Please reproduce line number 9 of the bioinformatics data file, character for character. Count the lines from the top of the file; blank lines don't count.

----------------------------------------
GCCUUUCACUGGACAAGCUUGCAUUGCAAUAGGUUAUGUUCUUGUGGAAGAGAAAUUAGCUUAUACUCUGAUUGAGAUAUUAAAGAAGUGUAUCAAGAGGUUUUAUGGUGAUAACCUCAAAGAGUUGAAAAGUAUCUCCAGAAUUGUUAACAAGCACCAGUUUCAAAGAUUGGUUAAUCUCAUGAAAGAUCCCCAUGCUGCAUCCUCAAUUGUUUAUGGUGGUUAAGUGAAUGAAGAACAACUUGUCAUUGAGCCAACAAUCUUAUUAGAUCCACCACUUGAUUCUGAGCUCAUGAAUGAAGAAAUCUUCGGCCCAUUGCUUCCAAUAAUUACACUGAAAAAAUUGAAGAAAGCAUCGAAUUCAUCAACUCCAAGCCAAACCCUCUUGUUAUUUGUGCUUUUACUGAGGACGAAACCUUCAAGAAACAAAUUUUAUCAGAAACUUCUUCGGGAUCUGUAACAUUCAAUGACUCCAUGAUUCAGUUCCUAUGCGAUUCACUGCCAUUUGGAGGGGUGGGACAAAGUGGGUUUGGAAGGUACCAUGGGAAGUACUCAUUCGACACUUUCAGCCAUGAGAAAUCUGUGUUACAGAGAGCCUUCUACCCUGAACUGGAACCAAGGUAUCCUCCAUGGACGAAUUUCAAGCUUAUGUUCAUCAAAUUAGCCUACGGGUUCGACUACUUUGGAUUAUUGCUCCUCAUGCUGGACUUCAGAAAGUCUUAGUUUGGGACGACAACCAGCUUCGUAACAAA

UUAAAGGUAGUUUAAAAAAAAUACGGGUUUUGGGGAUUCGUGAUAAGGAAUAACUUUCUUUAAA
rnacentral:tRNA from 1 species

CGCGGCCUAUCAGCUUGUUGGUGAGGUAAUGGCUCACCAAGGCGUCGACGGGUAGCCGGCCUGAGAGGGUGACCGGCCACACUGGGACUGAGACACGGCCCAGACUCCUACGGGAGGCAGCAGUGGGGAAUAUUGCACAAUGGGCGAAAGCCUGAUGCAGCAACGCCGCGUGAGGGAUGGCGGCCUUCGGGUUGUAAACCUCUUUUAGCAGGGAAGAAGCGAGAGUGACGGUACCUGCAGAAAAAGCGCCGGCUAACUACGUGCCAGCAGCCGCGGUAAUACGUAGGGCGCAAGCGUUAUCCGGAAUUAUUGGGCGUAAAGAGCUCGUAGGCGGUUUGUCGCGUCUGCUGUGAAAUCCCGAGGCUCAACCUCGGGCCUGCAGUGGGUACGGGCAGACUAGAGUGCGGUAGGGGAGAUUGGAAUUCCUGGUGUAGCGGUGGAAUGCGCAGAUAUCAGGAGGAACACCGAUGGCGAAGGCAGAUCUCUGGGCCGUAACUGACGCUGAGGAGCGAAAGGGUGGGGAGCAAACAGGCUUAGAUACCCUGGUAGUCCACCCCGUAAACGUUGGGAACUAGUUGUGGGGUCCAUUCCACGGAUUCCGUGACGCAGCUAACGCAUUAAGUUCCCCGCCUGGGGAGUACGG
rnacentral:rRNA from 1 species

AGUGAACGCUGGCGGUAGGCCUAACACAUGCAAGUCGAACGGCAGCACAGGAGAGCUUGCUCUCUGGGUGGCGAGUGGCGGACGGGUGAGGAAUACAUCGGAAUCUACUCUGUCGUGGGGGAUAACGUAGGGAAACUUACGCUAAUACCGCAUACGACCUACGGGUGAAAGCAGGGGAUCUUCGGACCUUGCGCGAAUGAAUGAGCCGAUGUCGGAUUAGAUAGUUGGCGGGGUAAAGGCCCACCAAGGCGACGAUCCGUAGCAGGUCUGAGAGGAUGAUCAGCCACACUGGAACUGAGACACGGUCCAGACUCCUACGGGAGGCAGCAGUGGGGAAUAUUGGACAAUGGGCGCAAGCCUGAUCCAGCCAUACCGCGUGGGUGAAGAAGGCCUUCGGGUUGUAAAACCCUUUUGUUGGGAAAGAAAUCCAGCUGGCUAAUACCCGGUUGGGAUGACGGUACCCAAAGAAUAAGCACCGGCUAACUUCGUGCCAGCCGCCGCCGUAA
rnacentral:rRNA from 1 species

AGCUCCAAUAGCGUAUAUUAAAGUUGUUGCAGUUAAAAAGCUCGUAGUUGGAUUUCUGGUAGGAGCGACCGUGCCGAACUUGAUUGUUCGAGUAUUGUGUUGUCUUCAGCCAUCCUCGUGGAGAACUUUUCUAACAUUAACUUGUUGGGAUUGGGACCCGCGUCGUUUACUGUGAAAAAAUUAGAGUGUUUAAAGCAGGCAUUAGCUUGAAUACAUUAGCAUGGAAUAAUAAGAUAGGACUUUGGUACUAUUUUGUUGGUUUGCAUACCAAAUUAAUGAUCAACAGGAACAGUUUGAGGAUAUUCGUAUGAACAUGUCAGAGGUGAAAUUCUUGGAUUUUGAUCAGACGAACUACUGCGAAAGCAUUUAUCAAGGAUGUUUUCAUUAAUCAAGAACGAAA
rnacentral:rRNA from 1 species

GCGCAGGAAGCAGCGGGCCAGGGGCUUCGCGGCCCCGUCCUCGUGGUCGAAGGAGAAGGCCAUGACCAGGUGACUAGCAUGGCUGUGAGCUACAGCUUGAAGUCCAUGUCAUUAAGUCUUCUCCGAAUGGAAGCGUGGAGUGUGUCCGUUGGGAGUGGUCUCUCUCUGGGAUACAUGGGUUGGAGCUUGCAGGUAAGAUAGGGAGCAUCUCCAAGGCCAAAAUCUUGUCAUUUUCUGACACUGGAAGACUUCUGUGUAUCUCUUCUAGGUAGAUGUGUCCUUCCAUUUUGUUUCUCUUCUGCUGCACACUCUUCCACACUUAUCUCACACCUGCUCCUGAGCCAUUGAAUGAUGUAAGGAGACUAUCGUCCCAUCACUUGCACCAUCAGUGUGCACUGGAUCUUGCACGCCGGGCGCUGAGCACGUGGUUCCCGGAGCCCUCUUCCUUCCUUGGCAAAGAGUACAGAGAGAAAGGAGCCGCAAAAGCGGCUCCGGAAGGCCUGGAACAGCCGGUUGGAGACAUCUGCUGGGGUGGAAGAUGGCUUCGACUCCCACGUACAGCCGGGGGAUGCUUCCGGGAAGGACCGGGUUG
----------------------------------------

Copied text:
rnacentral:rRNA from 1 species